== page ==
Lunch on the Bosphorus - Olives in Lemon & Octopus Salad

Our lunch break on the Bosphorus was terrific. Sitting in a little cafe right on the water, eating seafood just pulled from the water by local fishermen – well, it was beyond memorable. We picked a handful of appetizers instead of a lunch plate, and we were not disappointed. Among our choices, olives brined with lemons and whole peppercorns and a lovely octopus salad. I can still taste it just looking at that photo. Followed with a hot cup of Turkish tea, it was a perfect meal.

Our favorite restaurant - The BarBecue House

The BarBecue House restaurant was conveniently located a few doors down from our hotel. We passed by it each time we walked to the trams on Divan Yolu Cadesi (the main street that runs past the Hagia Sophia and Blue Mosque). Each time we passed, the engaging waiters would try to tempt us in for a meal, regardless of the time of day. With a lovely dining room upstairs, a lively dining room downstairs, and a charcoal grill right by the front door that was perpetually tempting us with the smell of grilled meats and fresh bread – well, let’s just say they didn’t have to sell it too hard. In all, we ate dinner here three times in six days, and we thoroughly enjoyed it each time. If you’re in Istanbul and looking for a meal near the Hagia Sophia, stop in and visit The BarBecue House. And tell Ramazan his friends from Houston say “Merhaba/Hello!”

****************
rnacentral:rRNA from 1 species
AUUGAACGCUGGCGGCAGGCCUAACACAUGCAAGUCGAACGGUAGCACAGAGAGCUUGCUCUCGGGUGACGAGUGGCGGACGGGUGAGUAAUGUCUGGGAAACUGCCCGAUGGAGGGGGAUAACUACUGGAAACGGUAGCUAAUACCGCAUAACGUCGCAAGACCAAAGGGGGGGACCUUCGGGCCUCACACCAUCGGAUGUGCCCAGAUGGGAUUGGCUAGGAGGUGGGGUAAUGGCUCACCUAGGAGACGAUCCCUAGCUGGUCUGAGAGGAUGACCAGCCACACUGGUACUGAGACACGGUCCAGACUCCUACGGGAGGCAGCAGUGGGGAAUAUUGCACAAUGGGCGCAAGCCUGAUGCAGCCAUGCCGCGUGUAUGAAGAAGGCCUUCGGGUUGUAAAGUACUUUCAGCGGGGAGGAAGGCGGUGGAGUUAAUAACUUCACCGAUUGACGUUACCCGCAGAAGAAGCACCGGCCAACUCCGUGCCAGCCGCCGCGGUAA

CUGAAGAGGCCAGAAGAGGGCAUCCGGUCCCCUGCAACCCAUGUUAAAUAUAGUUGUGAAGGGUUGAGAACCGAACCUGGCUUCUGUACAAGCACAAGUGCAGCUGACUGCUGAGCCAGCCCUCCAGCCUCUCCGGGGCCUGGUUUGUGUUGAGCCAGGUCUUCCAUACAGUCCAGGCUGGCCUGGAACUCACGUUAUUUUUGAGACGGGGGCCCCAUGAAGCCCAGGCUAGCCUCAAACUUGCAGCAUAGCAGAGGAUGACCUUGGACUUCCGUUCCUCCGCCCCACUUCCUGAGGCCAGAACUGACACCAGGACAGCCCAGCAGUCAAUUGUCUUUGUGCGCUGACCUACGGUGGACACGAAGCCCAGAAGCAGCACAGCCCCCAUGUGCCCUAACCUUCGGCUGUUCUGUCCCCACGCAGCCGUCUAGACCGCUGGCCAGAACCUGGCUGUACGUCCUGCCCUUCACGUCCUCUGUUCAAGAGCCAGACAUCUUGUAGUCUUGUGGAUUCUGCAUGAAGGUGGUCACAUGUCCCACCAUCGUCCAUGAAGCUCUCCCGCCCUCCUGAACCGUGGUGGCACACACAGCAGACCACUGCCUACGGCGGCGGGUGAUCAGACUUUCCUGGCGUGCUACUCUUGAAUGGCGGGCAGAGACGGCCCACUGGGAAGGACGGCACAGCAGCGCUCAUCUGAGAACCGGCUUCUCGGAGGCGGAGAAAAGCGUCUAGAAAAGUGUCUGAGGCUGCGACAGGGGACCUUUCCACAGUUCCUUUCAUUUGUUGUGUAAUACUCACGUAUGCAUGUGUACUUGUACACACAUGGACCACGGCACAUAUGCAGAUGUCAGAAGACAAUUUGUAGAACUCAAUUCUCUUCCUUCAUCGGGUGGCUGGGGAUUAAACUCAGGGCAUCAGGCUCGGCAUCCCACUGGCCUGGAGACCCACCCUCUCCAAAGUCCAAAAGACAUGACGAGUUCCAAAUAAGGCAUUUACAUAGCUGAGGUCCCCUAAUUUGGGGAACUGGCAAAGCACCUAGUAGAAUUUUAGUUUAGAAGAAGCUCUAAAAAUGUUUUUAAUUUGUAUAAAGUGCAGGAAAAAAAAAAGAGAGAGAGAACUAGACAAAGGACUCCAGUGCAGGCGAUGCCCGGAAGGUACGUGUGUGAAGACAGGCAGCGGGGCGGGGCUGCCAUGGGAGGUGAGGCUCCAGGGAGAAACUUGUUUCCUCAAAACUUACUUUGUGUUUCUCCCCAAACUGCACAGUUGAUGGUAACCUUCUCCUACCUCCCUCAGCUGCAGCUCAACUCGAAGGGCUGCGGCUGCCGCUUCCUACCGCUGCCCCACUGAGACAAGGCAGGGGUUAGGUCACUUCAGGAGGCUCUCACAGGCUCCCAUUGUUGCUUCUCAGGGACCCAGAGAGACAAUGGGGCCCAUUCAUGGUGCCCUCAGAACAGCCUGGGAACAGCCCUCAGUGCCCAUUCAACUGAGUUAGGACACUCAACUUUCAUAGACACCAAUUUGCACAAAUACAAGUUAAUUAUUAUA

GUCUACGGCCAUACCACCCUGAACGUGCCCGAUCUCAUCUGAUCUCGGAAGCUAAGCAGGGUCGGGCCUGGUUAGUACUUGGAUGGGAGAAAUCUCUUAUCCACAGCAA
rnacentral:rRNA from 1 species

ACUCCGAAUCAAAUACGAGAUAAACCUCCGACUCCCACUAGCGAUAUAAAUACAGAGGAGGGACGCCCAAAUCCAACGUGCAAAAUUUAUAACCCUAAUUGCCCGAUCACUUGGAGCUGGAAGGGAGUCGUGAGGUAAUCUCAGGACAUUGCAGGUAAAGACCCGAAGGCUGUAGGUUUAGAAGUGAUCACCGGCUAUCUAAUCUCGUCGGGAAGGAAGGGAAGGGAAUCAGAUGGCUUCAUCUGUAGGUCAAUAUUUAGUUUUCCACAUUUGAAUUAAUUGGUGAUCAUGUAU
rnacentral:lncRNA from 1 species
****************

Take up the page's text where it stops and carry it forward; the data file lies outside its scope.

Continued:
Favorite Food - this doner kebab outside the Rustem Pasha Mosque

Every vacation produces a favorite dining experience. Usually, The Complete Package and I have differing opinions on what that favorite meal was. In this case, we agreed. Hands down. Our favorite meal was this fantastic doner kebab from a small stand outside the entrance to the ancient Rustem Pasha Mosque near the Spice Market. It had everything the perfect doner kebab should have – warm, lovely bread, lamb sliced right off the rotating spit, a creamy yogurt sauce, fresh tomato slices, some thinly sliced onion, and in this case – golden french fries. But the frosting on the cupcake, the cherry on top of the sundae, was the addition of a few blazing hot chili peppers set out on the dining tables. This was one of those sandwiches that had you rolling your eyes back in your head and moaning with delight. As we washed it down with two cold ayrans (a salty yogurt drink), we both leaned back in our chairs and simultaneously said, “Now THAT was one fabulous sandwich.” It was all we could do to walk away and keep sightseeing. If we’d hesitated even 5 minutes, we would have ordered another one and done it all over again.

And that, my friends, is the best reason to immerse yourself in the place you are visiting. You never know when something will surprise you. Do yourself a favor. Try the real cuisine, not the fast food joints that are sprinkled about more and more cities around the world these days. You can have those things at home. Take a chance and enjoy the best your destination has to offer… while you can.